Green Dot is gone. What’s next?

Tucker Grinnan, Feature reporter

Illustration by Paloma Link.

Green Dot was not perfect, but the consent education-sized hole left in the wake of its removal is yet to be filled. 

Consent and bystander intervention used to be much more common words in the Whitman vocabulary. This was in large part thanks to Green Dot, a student-run organization that worked to provide students with consent education and training on bystander intervention. 

Green Dot organized a variety of different programs for the student body throughout each school year. The group held bystander intervention for incoming students during orientation, facilitated programming surrounding consent in residence halls and worked to raise awareness around sexual health and wellness during annual events like Sex Week and Reid Takeover. 

Its programming became one of the main ways students were educated on consent and bystander intervention, two incredibly important concepts to understand in a campus environment.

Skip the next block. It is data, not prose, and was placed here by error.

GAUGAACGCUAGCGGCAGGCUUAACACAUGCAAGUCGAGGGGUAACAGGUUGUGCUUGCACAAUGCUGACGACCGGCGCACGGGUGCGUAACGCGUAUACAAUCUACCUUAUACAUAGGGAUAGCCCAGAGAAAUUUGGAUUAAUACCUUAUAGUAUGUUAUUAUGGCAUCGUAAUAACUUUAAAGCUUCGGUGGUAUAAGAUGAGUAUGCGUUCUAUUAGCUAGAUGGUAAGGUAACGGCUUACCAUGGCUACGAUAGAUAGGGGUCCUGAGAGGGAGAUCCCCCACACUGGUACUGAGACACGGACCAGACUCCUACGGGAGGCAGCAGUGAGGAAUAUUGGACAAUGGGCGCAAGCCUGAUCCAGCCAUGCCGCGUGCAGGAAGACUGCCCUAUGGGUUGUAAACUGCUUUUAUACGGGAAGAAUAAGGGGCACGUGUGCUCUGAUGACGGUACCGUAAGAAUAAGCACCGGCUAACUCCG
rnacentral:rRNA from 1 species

However, the licensing necessary to utilize Green Dot’s brand and organizational programming was not renewed following the end of the Spring 2020 semester. This decision effectively eliminated the organization on campus, and with it, one of Whitman’s main sources of sexual violence prevention education. 

Nell Falvey, a former Green Dot intern, recognizes that Green Dot had its faults, and its controversy was justified.

“It presented sex and consent as a funny and silly thing, which totally did make light of sexual violence and harrasment, and that was something that I always felt kind of uncomfortable with,” Falvey said. 

She also pointed out that the framework it provided for bystander intervention tended to oversimplify complex situations. 

“The language of Green Dot, which is green dot [the situation is safe] or red dot [the situation is not safe], is very simplistic, and not everything is going to be totally okay or super bad,” Falvey said. 

However, Falvey has continued to remain engaged with the issue on campus as a member of the Sexual Violence Prevention (SVP) team, and points out that some of Green Dot’s critical functions have yet to be replaced.